Monthly Archives: April 2014

Kant’s Transcendental Idealism

Immanuel Kant use to be my most favorite philosopher, but nowadays I’m not so sure anymore. Now, I certainly think Kant is one of the most influential and important philosophers ever. For one, the “analytic” and “synthetic”  distinction was first explicated by Kant in his Critique of Pure Reason. While Kant’s predecessors did talk about the distinction in terms of ideas and experience (i.e. Hume), he was probably the first to use the terms “analytic” and “synthetic” as a way to make the distinction. This distinction, whether philosophers like it or not, had such an important impact in philosophy that it has a lasting influence even up to the contemporary Analytic tradition. It even survives Quine’s challenge to the distinction, though it is no longer non-controversial. Kant also had an important influence in contemporary ethics and political philosophy. The contemporary deontological ethics, Contractualism, and John Rawls’ Theory of Justice are influenced by Kant’s views on ethics. Kant was among the few philosophers to make an innovative (though in my opinion deeply flawed) argument for Philosophy of Religion known as the Moral Argument for the existence of God. Lastly, Kant’s liberal theory of international relations which is that international trade among the republics would decrease war and bring peace is an influential theory among international relation scholars.

So Kant seems like an important philosopher, but how come he’s no longer my favorite philosopher? I acknowledge that Kant still influences me when it comes to doing ethics. While I don’t agree with Kant’s deontological views about lying, I do think that his attempt to find a principled and systematic manner to derive normative claims from some ideal rational procedure is on the right track. The categorical imperative, or more specifically the formula of humanity, seems to be on the right track though it is still far from error proof. I do disagree with him that the only morally praiseworthy motive is that which is from duty, but I digress. I think my real problem with Kant is Transcendental Idealism, which I think most philosophers, especially those who do epistemology, would find troubling.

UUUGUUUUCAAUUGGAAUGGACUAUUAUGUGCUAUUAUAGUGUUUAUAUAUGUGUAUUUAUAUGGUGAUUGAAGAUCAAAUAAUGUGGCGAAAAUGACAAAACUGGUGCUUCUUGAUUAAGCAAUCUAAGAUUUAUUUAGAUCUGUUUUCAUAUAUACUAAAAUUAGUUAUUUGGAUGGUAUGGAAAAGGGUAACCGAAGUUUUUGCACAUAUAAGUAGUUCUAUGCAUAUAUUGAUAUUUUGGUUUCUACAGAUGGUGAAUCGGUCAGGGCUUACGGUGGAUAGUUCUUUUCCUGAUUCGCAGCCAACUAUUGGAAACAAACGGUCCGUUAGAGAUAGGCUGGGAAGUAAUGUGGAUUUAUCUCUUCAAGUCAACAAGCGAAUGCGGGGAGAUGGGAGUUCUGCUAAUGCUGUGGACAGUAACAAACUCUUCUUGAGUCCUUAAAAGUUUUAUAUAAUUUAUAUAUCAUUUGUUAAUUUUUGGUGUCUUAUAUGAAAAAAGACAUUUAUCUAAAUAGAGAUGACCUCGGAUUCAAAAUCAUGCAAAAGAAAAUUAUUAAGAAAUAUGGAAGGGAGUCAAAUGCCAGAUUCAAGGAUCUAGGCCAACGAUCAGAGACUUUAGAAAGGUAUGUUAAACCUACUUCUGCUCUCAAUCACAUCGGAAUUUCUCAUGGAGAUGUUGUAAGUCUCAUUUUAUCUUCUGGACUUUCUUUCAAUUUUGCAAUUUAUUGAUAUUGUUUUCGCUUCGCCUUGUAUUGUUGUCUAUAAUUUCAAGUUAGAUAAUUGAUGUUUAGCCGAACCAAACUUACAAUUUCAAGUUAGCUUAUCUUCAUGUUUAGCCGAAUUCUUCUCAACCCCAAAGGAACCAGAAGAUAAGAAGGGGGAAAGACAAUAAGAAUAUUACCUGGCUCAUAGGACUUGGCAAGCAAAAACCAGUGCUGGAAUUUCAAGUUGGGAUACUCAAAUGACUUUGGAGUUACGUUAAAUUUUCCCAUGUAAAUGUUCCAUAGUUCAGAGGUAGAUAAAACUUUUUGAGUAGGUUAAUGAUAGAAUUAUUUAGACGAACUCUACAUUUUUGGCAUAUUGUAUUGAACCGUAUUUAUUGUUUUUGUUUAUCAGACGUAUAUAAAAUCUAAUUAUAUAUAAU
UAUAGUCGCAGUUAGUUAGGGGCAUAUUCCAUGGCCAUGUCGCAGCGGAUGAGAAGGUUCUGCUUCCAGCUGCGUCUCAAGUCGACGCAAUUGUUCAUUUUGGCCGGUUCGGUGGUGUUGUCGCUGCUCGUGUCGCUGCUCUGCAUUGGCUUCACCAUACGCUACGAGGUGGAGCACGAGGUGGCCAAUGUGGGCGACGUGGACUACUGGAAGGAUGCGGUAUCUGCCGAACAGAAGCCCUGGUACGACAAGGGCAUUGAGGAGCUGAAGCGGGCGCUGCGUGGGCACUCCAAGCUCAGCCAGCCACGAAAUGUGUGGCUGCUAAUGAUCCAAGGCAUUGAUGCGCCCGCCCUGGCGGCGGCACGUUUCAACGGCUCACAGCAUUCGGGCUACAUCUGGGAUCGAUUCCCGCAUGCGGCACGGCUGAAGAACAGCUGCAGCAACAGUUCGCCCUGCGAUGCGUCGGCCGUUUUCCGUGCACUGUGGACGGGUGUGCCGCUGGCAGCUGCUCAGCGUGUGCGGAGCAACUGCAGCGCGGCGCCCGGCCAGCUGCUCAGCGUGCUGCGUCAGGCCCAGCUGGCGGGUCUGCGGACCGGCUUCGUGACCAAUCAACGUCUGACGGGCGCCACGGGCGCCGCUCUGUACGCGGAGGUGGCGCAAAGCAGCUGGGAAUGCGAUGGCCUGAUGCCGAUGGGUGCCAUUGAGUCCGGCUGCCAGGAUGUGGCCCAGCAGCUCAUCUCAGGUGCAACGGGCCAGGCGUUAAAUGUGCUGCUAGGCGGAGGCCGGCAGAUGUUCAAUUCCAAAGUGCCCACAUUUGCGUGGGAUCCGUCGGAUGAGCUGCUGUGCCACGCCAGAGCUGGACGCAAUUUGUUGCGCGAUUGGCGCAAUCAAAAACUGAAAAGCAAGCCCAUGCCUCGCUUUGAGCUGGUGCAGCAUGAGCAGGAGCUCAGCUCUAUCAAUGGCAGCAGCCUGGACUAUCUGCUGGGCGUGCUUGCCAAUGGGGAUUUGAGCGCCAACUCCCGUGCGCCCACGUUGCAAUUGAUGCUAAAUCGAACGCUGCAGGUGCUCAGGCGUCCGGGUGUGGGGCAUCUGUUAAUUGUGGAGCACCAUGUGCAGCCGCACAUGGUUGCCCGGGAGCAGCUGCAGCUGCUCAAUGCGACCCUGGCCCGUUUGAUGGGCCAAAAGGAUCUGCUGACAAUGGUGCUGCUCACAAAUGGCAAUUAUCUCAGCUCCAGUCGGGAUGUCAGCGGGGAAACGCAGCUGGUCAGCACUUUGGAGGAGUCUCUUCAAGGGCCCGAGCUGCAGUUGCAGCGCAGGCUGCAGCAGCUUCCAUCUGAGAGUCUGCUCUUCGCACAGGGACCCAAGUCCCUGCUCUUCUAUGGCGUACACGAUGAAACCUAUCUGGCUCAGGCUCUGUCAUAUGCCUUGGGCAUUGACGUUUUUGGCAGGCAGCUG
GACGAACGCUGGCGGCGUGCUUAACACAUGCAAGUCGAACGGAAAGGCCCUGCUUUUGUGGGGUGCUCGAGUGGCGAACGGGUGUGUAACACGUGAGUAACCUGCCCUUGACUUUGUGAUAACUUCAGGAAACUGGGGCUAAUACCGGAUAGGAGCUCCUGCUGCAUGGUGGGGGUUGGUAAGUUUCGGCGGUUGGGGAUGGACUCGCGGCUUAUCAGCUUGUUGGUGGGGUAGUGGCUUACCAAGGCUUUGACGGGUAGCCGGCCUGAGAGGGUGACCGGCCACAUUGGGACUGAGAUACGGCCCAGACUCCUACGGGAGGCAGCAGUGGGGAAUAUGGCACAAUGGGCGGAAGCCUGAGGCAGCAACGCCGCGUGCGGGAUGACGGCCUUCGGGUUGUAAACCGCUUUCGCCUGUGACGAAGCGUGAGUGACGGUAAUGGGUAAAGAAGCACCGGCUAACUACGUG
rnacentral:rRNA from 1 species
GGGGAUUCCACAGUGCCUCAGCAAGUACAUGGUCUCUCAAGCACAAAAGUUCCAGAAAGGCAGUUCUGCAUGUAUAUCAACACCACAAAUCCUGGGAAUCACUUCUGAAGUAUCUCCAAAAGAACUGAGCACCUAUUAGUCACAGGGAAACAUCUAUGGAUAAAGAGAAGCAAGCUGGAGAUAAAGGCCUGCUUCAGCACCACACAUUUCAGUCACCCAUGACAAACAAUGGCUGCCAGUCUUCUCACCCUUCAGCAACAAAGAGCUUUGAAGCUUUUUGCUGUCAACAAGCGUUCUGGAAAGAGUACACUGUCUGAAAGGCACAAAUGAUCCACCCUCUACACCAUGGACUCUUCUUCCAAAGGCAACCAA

Kant’s Transcendental Idealism is really complicated, especially given that it is written in his convoluted and long book Critique of Pure Reason. I won’t go into details about Transcendental Idealism, but it basically boils down to the distinction between the phenomenal (appearance of things or experience) and noumenal (things-in-themselves). Kant basically thinks that our mind is capable of apprehending experience in terms of a priori intuitions (i.e. space-time) and concepts (i.e. causation, substance, necessity, possibility, etc.). Our minds ultimately organize our experience according to intuitions and concepts that are innate, which is how reality appears in a certain way to us. However, Kant comes to the conclusion that ultimately we can never know the true nature of reality (noumenal) and only know our experience (phenomenal). The role of reason, for Kant, is to make postulates beyond experience such as God, soul, free-will, beginning of time, etc. However, Kant thinks that ultimately reason will come across antinomies or contradictions that will prevent it from comprehending the noumenal.

Kant’s Transcendental Idealism was pretty much an essential part of his philosophical career and it had an important influence on the philosophical tradition known as German Idealism. However, ever since the decline of German Idealism (as well as British Idealism), the influence of Kant’s Transcendental Idealism pretty much fell out of favor even among Analytic philosophers. A lot of this probably has to do with Bertrand Russell and G.E. Moore’s attempt to shift away from a philosophical tradition influenced by Kant to Analytic philosophy. In Bounds of the Senses, an Analytic Philosopher P.F. Strawson tries to salvage some essential aspects of Kant’s Transcendental Idealism. However, even Strawson wouldn’t go as far to endorse Kant’s radical claim that we can never know anything about the nature of reality. From what I know so far, the only concept from Kant’s Transcendental Idealism that is still influential is the “Transcendental Apperception” or also known as the unity of consciousness (this became apparent to me when my mentor Georges Rey talked about it in his philosophy of mind class).